In honor of women’s history month and international women’s day, here is a list of books written by New Wave feminist, check it out!
We are currently living in the 4th feminist wave time-period, a phase that began around 2012 and is characterized by a focus on the empowerment of women and the use of internet tools. Because of that, new books have come out to enlighten and expand the minds of people about what it means to be a woman in this day and age. With women’s history month and international women’s day just around the corner, here is a list of the new wave feminist books you should add to your “to read” list.
- “Men explain things to me” by Rebecca Solnit
At this point, everyone has heard about the term mansplaining. In this book, Solnit puts mansplaining and other toxic masculinity traits in the spotlight, deconstructing it to find the root of the male idea of superiority over women, while advising on how to beat the patriarchy.
- “Bad Feminist” by Roxane Gay
If you ever feel guilty about taking very “unfeminist” actions this book is for you. Gay is unapologetic in this feminist masterpiece, shining light on the “feminist remorse”, and how to deal with it without feeling guilty about not being the perfect “textbook feminist”.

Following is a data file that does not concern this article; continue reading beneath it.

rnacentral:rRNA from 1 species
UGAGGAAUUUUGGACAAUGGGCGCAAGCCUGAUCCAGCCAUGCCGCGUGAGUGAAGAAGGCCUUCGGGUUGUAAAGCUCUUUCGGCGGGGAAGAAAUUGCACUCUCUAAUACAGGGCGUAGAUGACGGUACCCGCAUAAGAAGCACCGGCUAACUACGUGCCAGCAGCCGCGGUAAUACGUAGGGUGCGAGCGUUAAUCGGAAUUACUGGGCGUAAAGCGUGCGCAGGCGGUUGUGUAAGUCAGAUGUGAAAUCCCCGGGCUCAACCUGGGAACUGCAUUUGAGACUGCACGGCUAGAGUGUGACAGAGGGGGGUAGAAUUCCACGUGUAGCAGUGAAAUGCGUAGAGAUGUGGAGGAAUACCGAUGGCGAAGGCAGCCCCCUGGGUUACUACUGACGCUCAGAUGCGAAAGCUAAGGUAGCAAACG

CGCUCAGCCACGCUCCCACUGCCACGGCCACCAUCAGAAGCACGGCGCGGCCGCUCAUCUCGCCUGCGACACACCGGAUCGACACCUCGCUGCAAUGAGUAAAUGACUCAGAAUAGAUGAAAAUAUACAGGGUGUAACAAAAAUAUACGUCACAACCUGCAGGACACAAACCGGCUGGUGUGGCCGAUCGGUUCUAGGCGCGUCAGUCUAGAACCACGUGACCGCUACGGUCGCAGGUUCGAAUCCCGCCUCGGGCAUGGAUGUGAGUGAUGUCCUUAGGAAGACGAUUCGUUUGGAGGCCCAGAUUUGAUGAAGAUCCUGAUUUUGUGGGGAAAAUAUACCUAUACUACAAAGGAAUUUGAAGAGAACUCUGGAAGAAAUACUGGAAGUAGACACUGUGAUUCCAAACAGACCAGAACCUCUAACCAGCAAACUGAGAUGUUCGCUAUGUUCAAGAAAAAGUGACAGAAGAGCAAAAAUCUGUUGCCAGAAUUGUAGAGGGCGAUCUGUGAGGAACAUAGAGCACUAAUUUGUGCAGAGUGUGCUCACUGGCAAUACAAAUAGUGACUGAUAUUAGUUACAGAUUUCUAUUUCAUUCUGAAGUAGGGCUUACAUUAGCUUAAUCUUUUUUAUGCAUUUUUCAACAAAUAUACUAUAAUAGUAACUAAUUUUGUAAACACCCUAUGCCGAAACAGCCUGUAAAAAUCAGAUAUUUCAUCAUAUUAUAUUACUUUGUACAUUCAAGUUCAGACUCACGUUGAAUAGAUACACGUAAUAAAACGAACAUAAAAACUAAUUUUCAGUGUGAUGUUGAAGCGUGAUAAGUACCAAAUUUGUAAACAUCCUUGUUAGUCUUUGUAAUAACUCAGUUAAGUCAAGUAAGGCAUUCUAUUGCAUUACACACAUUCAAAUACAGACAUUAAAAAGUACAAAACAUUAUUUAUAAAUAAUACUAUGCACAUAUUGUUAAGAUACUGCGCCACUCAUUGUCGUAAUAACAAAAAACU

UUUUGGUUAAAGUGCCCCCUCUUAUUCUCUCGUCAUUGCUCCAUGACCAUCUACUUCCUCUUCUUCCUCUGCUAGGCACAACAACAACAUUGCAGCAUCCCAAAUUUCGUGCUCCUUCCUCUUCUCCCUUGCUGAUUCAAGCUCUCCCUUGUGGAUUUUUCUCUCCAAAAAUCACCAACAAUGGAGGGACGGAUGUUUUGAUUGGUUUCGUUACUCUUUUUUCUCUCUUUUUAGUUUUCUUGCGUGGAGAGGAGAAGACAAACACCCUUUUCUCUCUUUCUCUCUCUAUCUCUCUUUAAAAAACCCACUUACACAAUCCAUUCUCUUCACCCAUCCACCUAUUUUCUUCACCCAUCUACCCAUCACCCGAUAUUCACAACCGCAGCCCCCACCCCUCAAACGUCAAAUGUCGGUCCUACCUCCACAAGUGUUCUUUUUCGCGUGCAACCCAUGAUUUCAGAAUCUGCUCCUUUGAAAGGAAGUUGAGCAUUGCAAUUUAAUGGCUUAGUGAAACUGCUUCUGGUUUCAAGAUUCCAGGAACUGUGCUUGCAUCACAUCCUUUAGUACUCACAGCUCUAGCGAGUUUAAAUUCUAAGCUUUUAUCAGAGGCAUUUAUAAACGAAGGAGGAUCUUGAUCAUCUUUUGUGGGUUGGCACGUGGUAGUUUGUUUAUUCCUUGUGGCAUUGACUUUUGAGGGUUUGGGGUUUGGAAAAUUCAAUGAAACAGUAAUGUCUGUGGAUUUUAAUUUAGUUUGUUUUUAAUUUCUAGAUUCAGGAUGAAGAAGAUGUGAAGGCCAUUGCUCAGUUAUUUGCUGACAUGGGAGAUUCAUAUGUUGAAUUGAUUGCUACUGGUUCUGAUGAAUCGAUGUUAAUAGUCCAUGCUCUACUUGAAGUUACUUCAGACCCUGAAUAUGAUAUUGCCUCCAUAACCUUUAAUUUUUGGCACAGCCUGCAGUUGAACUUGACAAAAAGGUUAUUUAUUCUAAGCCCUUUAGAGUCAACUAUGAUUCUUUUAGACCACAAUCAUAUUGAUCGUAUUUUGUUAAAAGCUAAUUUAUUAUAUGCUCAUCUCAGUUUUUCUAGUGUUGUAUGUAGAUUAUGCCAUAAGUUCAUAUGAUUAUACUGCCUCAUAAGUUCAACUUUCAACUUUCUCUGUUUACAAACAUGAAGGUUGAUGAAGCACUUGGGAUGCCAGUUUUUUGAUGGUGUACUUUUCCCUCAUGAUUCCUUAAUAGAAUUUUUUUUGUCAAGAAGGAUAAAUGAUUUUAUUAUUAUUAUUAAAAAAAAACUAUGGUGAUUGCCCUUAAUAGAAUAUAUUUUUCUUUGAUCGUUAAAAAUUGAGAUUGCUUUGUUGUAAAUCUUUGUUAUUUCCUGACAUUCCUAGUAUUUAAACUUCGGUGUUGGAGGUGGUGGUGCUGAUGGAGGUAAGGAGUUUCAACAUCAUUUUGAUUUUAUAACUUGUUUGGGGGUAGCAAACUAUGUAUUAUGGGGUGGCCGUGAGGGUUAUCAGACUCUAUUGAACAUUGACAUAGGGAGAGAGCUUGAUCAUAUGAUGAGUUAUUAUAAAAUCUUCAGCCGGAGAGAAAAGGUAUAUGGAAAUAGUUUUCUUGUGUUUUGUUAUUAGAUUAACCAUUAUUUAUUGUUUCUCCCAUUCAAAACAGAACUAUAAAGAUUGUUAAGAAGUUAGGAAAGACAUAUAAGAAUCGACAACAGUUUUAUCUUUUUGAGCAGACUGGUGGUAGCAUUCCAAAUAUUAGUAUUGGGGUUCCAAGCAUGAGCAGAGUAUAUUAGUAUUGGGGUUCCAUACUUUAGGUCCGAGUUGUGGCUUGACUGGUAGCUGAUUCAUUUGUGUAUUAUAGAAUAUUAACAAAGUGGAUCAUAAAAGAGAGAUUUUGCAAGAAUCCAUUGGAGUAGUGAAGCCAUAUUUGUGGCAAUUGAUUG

She also shares many personal stories about her life as a black plus size female though all ages, which is a very interesting perspective of the “woman-being”.
- “Not That Kind of Girl” by Lena Dunham
This tell-all book is the perfect illustration of the white overweight female experience. With details that go from her first sexual experience to excerpts of her very private food diary. Dunham is a white fat straight girl with psychological complexes and traumas only patriarchy could have caused with its oppression and ideals of beauty.
- “How to Be a Woman” by Caitlin Moran
Caitlin Moran encapsulates the fun and experienced British aunt we all wish we had growing up in this quirky and relatable masterpiece that covers the depths of the female psyche to explore the everyday thought and struggles that should no longer be a part of the 21st-century women mind.
- “Milk and Honey” by Rupi Kaur
With passionate and deeply artistic poems that explore the women’s body, strength, and desire, Kaur has proved once and for all that to be a woman is to be a living poem. In this book, the Indian-Canadian writer exposes deeply rooted societal problems such as rape and oppression while highlighting the essence of being a woman.
- “The Witch Doesn’t Burn in this One” by Amanda Lovelace
In this book of poems, Lovelace shares empathy in a lovely sisterhood manner while reclaiming women’s rights in civilization as beings with feelings, opinions and everything else society always seems to try and take away from us.
- “Girl in a Band” by Kim Gordon
As the only girl in the band, Gordon shares her perspective, struggles and what she’s learned. From constantly having to prove herself to her relationship with the band members, Kim is not one to shy away from adversity, and certainly has a lot to teach.
Edited by Carolina Grassmann